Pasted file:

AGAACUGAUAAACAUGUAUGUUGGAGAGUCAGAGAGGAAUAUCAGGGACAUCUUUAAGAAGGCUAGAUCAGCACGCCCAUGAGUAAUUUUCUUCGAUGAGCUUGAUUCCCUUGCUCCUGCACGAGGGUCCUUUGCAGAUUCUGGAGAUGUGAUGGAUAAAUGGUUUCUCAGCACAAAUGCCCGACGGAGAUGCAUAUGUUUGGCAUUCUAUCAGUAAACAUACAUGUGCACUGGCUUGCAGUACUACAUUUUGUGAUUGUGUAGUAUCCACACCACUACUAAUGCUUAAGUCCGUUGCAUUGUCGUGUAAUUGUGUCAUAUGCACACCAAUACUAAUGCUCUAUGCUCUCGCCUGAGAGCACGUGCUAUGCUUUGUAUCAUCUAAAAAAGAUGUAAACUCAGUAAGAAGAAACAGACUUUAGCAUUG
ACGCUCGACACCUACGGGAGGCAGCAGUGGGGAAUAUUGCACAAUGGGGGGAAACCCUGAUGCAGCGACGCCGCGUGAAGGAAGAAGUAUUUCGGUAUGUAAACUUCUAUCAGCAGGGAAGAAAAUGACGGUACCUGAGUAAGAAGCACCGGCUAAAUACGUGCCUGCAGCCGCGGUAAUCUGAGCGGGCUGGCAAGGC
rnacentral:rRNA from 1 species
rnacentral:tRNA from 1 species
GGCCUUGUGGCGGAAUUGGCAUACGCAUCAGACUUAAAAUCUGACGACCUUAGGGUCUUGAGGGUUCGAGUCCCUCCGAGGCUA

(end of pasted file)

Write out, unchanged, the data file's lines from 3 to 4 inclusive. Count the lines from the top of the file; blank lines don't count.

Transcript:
rnacentral:rRNA from 1 species
rnacentral:tRNA from 1 species